Oslo Opera House

by | 08. Aug 2012

Cultural | Project

Photo © Statsbygg


Oslo’s new Opera House is located on the Bjørvika Peninsula overlooking Oslo Fjord. The marble clad roofscape forms a large public space in the landscape of the city and the fjord.


Photo © Statsbygg

The government wanted the Opera House to be a landmark for Norway as a cultural nation, highlighting the Norwegian Opera and Ballet, and also the foundation for the urban redevelopment of the area. The design by Snøhetta won the international competition in 2000.


Photo © Statsbygg


The conceptual basis of the competition and the final building is a combination of three elements, the “Wave Wall, the “Factory” and the “Carpet.”

The Wave Wall
Opera and ballet are young art forms in Norway, art forms that evolve in an international setting. The Bjørvika Peninsula is part of a harbor city, historically the meeting point with the rest of the world. The dividing line between the ground “here” and the water “there” is both a real and a symbolic threshold.

The Factory
The production facilities of the Opera House are realized as a self contained, rationally planned “Factory.” This “Factory” is both functional and flexible which was very important during the planning phase where a number of rooms and room groups were adjusted in collaboration with the end users. These changes have improved the buildings functionality without affecting the architecture.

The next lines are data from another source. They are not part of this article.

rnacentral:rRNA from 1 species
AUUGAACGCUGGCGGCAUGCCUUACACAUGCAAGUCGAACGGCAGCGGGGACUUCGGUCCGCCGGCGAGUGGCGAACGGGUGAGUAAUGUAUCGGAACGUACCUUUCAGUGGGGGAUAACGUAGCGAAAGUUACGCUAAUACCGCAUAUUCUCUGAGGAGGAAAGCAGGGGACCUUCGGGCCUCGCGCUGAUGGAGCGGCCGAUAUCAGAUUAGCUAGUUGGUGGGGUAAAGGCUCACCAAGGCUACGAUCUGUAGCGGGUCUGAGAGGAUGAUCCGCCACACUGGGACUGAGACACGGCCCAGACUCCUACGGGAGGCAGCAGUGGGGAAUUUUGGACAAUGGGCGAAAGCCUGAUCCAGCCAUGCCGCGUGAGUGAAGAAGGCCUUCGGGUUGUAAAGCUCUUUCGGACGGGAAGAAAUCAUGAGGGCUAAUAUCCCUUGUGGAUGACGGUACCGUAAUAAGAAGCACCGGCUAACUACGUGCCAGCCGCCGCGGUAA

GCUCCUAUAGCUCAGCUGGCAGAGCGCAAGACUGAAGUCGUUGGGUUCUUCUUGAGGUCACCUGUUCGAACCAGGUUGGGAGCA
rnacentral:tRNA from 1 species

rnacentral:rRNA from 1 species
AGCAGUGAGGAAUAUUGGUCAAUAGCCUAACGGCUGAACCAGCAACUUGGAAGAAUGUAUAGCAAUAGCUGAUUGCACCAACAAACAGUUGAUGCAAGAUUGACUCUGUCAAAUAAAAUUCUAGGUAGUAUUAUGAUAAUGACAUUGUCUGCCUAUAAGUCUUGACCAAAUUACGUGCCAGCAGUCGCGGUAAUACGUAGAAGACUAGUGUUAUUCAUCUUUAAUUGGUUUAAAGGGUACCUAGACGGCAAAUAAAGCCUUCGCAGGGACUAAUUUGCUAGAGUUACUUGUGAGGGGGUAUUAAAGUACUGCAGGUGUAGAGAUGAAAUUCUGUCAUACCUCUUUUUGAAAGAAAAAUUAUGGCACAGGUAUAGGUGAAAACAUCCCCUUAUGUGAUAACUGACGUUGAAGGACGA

The Carpet
The competition brief stated that the Opera House should be of high architectural quality and be monumental in it’s expression. To achieve monumentality the architects wanted to make the Opera accessible in the widest possible sense, by laying out a “Carpet” of horizontal and sloping surfaces on top of the building. This “Carpet” has been given an articulated form, related to the cityscape. Monumentality is achieved through horizontal extension and not verticality.


Photo © Trond Isaksen

The materials, with their specific weight, color, texture and temperature, have been vital to the design of the building. Snøhetta’s architecture is narrative, it is the materials that form the defining elements of the spaces – it is the meeting of the materials that articulates the architecture.

For the Opera House three main materials were specified at the competition entry. White stone for the “carpet,” timber for the “Wave Wall,” and metal for the “Factory.” As work continued glass was introduced, allowing the underside of the “carpet” to be visible.


Photo © Trond Isaksen



Photo © Trond Isaksen